StatCounter shows yesterday as seeing 10,611 unique visitors to my site.

I wrote a script that counted the number of unique IP addresses in yesterday's Apache access log. It counted 14,190 unique IP addresses.

Why is there the discrepancy? I would understand a small number of IP addresses would maybe be for crawlers and bots, but not 1/3 of the traffic.

// script to count unique IPs

$ips = array();

$file = fopen("access_log","r");
while ( ($line = fgets($file)) != false )
    $num = strpos($line, " ");
    $ip =  substr($line, 0, $num)."<br>";

    if ( !in_array($ip, $ips) )
        array_push($ips, $ip);

echo count($ips);

The StatCounter code is the standard code that StatCounter gives you to put in your HTML/JS, which includes your account number, etc...

  • In order to help you - you should show us the code of your script + how do you derive the number of unique IPs from access log
    – Nir Alfasi
    Commented Apr 30, 2012 at 20:16

3 Answers 3


Providing initial explanation re difference between server-side stats and online stats for the benefit of other users:

Apache access log analyses all the traffic to your server.

StatCounter tracks all the visits to your site.

Your server gets a lot more traffic than your site, because server traffic includes all the visits from robots, spambots, crawlers etc.

When a robot visits your site, this is recorded in your server logs. It's not a 'true' visit as the page is not fully loaded, so it doesn't show up on StatCounter.

So server-side stats (e.g. Apache log files) will always appear inflated compared to online stats (like StatCounter). Generally it is the online stats, the 'true' visits that people are interested in - it's these visits that might mean more sales, more sign ups etc. However, the Apache log files are obviously very useful from a more technical standpoint and for server administration. If you exclude the bot and crawler hits from your Apache log - then what you're left with should approximately mirror the StatCounter numbers.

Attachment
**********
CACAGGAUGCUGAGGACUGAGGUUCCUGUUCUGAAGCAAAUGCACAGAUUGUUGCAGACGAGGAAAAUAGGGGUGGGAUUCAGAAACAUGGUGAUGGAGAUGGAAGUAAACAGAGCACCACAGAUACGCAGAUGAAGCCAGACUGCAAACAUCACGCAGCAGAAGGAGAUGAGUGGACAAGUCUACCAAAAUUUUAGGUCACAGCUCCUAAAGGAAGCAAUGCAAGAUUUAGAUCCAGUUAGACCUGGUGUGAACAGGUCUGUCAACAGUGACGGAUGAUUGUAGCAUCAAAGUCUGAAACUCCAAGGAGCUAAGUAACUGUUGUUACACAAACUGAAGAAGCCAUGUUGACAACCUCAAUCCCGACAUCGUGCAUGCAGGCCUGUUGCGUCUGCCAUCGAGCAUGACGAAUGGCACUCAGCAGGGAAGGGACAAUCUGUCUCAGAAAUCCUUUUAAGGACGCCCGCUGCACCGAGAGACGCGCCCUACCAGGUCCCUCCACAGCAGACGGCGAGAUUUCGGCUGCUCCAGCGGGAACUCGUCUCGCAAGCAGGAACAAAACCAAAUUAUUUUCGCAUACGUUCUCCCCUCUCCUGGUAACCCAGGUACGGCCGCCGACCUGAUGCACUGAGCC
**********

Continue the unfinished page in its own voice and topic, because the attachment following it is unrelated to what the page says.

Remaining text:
Now - in relation to you specific case, in our experience, 30% more traffic from crawlers and bots is not unusual.

I should also add that Unique Visitors in the StatCounter summary stats are based on cookies (rather than IP addresses) which will also explain some of the difference.

AOL visitors can have a different IP with every pageload - so that will drive IP based uniques higher with every pageload. OR users who disallow cookies will drive the cookie based uniques higher with every pageload.

In StatCounter, visitor paths are collated using IP addresses so that may be a more accurate comparison for you. Drop us a line if we can help further.


many reason can cause this mismatch, for example:

  1. you use server-side counter which counts each access immediately. statcounter use javascript which count access after page load. so some access can be counted by your script but not with statcounter
  2. what is the type of your website? I had this experience in forums and blogs which made by popular applications like phpBB and Drupal
  3. where you put your script and where statcounter's? are you sure both are counting same pages?
  4. ...

Counting number of unique IP address is probably not the best approach, as it will include robots and they hit your server from different IP's number of times during the day.

  1. I use awstats on my server as it clearly differentiates between robots and actual users, so gives you a fair idea about traffic.
  2. In fact using awstats alone might not give clear picture, it's always better to use google analytics or statcounter which tracks users using javascript. awstats rely only upon unique IPaddress to identify unique users BUT most of the offices where there are hundreds of people working has only one outgoing IPaddress,so javascript based trackers like statcounter or google analytics are more reliable here as they identify unique user by using a cookie on the user browser.
  3. I actually use all three awstats , statcounter and google analytics as each one of them provides interesting aspects about different things. Page loading isn't a issue for me, i have anyhow included javascript code for tacking as a seperate JS file and not embedded on html which ensures it is cached on client side.

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